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Sociology A Level at Trinity Catholic High School

Course description

The A2 course is spread across two years

Year 1 covers Sociological Theory, Research Methods and topics within Sociology

Sociological Theory
- Functionalist perspective
- Marxist perspective
- Interactionist perspective
- Feminism perspective
- New right perspective
- Postmodernist theory

Research Methods
- Quantitative and qualitative methods of research; research design
- Sources of data, including questionnaires, interviews, participant and non-participant observation, experiments, documents and official statistics
- The distinction between primary and secondary data, and between quantitative and qualitative data
- The relationship between positivism, interpretivism and sociological methods; the nature of ‘social facts’
- Theoretical, practical and ethical considerations influencing choice of topic, choice of method(s) and the conduct of research.

- Students are expected to be familiar with sociological explanations of the following content:
- The role and functions of the education system, including its relationship to the economy and to class structure.
- Differential educational achievement of social groups by social class, gender and ethnicity in contemporary society.
- Relationships and processes within schools, with particular reference to teacher/pupil relationships, pupil identities and subcultures, the hidden curriculum, and the organisation of teaching and learning.
- The significance of educational policies, including policies of selection, marketisation and privatisation, and policies to achieve greater equality of opportunity or outcome, for an understanding of the structure, role, impact and experience of and access to education; the impact of globalisation on educational policy.

Work, Poverty and Welfare
- Students are expected to be familiar with sociological explanations of the following content:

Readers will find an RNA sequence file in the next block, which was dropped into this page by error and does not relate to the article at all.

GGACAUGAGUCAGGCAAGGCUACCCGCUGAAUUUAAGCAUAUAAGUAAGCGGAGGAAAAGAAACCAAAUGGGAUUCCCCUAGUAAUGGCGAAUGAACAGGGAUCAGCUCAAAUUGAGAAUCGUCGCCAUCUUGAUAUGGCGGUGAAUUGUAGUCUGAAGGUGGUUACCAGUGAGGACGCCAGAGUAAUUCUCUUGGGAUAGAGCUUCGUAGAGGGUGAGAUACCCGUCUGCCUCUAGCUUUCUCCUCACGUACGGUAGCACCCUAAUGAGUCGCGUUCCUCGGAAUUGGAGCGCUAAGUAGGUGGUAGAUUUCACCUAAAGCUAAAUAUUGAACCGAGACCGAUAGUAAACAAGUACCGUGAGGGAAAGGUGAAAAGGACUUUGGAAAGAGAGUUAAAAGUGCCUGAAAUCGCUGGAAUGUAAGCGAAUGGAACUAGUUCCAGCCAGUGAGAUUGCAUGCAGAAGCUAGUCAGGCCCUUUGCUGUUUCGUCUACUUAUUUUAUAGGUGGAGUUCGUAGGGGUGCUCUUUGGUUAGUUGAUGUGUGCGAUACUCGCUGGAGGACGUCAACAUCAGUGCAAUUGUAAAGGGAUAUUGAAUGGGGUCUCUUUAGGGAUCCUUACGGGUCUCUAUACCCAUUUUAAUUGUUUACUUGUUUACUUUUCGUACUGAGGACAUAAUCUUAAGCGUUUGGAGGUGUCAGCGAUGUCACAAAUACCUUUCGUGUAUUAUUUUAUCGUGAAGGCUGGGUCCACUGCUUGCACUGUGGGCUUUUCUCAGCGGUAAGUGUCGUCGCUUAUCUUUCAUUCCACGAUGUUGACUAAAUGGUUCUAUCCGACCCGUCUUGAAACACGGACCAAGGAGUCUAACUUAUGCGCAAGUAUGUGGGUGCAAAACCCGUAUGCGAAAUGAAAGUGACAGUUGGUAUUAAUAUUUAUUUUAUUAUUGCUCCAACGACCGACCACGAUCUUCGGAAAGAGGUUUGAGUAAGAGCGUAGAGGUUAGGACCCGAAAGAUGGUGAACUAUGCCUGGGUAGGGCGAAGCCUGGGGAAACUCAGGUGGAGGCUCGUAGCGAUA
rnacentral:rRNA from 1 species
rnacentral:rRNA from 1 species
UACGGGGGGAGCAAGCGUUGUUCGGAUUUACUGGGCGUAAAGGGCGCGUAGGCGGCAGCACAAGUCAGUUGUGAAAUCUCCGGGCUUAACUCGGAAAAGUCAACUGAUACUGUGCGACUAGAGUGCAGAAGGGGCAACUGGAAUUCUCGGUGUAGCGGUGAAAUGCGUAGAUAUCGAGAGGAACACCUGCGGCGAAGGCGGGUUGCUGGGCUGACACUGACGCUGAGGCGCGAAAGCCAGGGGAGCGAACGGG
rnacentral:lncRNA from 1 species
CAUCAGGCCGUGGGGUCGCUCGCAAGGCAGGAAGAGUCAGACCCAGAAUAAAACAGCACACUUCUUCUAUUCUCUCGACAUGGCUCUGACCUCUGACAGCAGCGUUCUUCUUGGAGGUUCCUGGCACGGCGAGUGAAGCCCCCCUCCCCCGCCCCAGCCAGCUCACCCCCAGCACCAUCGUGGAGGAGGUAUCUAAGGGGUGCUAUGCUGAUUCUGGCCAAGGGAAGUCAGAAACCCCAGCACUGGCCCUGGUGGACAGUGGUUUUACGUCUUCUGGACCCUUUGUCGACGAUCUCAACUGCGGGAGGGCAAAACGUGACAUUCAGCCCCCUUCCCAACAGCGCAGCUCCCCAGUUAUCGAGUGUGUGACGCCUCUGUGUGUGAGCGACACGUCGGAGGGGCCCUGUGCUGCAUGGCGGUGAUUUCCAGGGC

- The nature, existence and persistence of poverty in contemporary society.
- The distribution of poverty, wealth and income between different social groups.
- Responses and solutions to poverty by the state and by private, voluntary and informal welfare providers in contemporary society.
- Organisation and control of the labour process, including the division of labour, the role of technology, skill and de-skilling.
- The significance of work and worklessness for people's lives and life chances, including the effects of globalisation.

Entry requirements

6 GCSE grades A* - C| to include at least level 5 English Language and level 5 Mathematics


Paper 1:
Assessing the topic of Education with Methods in Context

Written exam: 1 hour 30 minutes
60 marks in total
50% of AS level

Students to answer all questions:

Question 1 (2 marks)
Question 2 (2 marks)
Question 3 (6 marks)
Question 4 (10 marks)
Question 5 (20 marks)
Question 6 (20 marks)

Paper 2:
Assessing the topic knowledge of: Research Methods and topics in Sociology

Written exam: 1 hour 30 minutes
60 marks in total
50% of AS level

Students to answer all questions in Section A:
Question 1 (4 marks)
Question 2 (16 marks)

In section B students to pick one topic and then answer all questions. As we are studying Work, Poverty and Welfare, students to answer:

Question 18(2 marks)
Question 19 (2 marks)
Question 20 (6 marks)
Question 21 (10 marks)
Question 22 (20 marks)

Future opportunities

Sociologists have a valuable contribution to make to all areas of life today, whether it be with individuals or for society as a whole e.g. community services, police, nursing. Sociologists are probably best known for their work in the health, criminal justice, government and education field.

Social services, community work, law, education, health service, teaching, publishing, business, insurance, media, teaching, government, human resources, probation, criminal justice system, journalism, banking, etc

How to apply

If you want to apply for this course, you will need to contact Trinity Catholic High School directly.

Last updated date: 30 March 2017
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